The Seagate SeaTools for SSD is a tool that can be downloaded from Seagate’s website. It provides many useful utilities that will be useful to manage your SSD. For example, the core SSD information and health and lifetime is shown. The software will be able to prompt you if there are any errors that occurs on the SSD.
Furthermore, it also comes with other essential applications such as SSD erase, firmware update and a feature known as “Tunable Capacity” which can help improve drive performance at the expense of capacity.
System Configuration & Testing Objectives
|CPU||AMD Ryzen 9 3900|
|RAM||G.Skill Trident Z Royal 3600MHz, 2 x 8GB DDR4 Kit|
|Storage||Main: Transcend MTE110S 512GB (OS)
Seagate FireCuda 520 SSD
Kingston KC2000 1TB
AORUS NVMe Gen4 SSD 1TB
|GPU||Sapphire Pulse Radeon RX 550 2GB|
|Motherboard||ASRock X570 Steel Legend|
|CPU Cooler||AMD Wraith Spire Cooler|
|OS||Windows 10 Pro 64 bit|
In our tests, we will be comparing the Seagate FireCuda 520 SSD with the supposedly identical AORUS NVMe Gen4 SSD. We want to find out the key difference between these two drives, which most likely can only be attributed to their firmware.
Moreover, we will also add a Kingston KC2000 1TB SSD into the mix for comparison. This Kingston drive is also equipped with the same Toshiba BiCS4 96-layer 3D TLC NAND, but it only operates with the PCIe 3.0 interface. We can then see if upgrading to a PCIe Gen4 SSD is really required.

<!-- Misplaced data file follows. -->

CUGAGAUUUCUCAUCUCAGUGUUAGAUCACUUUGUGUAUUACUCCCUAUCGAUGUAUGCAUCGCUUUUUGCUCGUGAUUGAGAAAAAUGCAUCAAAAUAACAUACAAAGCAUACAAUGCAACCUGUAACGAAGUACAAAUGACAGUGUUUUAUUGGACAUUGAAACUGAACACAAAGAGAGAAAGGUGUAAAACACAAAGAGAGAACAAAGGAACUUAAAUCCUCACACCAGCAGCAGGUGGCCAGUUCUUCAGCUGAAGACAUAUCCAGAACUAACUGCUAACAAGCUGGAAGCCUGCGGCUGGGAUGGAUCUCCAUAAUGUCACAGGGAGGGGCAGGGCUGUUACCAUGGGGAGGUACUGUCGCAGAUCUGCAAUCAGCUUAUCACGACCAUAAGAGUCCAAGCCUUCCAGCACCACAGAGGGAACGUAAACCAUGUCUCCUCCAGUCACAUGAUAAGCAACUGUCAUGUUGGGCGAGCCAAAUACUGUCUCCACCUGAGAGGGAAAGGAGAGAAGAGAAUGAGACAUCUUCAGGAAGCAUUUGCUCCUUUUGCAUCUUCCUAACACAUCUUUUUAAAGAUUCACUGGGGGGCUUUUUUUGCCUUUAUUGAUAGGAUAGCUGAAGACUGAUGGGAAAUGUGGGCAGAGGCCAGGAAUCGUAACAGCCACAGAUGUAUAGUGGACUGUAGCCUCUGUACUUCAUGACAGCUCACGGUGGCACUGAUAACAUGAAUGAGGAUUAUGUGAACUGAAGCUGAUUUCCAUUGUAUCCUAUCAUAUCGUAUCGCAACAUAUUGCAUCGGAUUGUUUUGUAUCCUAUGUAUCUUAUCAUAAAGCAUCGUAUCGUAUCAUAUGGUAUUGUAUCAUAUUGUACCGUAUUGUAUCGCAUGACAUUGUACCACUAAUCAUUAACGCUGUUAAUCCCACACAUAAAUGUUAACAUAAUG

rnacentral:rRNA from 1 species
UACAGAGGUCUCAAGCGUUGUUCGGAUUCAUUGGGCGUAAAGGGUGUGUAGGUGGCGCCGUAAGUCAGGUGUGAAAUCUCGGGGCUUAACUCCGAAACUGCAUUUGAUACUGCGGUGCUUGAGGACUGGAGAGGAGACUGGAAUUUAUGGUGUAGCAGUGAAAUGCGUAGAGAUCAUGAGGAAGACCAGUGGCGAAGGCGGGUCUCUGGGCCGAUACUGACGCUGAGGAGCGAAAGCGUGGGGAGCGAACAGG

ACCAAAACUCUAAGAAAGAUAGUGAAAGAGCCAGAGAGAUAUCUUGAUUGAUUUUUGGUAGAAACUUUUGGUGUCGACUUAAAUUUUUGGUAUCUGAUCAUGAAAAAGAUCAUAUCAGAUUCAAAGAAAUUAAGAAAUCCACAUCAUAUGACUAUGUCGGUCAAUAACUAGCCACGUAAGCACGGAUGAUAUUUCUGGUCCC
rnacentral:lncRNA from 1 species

In our ATTO read tests, we were unsure why the Gigabyte AORUS NVMe Gen4 SSD was not able to even reach 5GB/s. Probably, because of an improved and later firmware that’s installed on the Seagate FireCuda 1TB SSD, it was able to sustain a speed of even higher than 5GB/s. It managed to max out at 5.5GB/s, which is an impressive speed, even for a PCIe Gen4 SSD.
As for ATTO write tests, the performance differences between the two PCIe Gen 4 drives can be negligible.
As for CrystalDiskMark, other than the sequential read/write tests, the results looks rather inconsistent. There are times when the Seagate FireCuda 1TB SSD is faster, and also times that it is slower.
Also, we also noted that throughout all the tests, it was clear that the Kingston KC2000 1TB SSD was on the losing end in terms of performance.
There is no doubt that the Seagate FireCuda 520 Gen4 NVMe 1TB SSD is fast. In terms of raw maximum performance, it managed to reach the highest read speeds out of the three drives tested. Moreover, it also came in ahead in our simulated real world usage test in PCMark 8.
Comparing between the Kingston KC2000 1TB SSD, we can definitely see the benefit with a PCIe Gen4 based interface for a SSD. The Seagate FireCuda 520 Gen4 NVMe 1TB SSD was faster in almost every single way. Therefore, if you already are on a platform that supports PCIe 4.0 standard, it would be wise to maximize the benefits of performance improvements by acquiring a PCIe Gen4 SSD.
In our review of the Gigabyte AORUS NVMe Gen4 SSD, we said that it was the fastest SSD available in the market today. Although some of the scores are disputed, we are confident enough to allow the Seagate FireCuda 520 to take on the throne instead.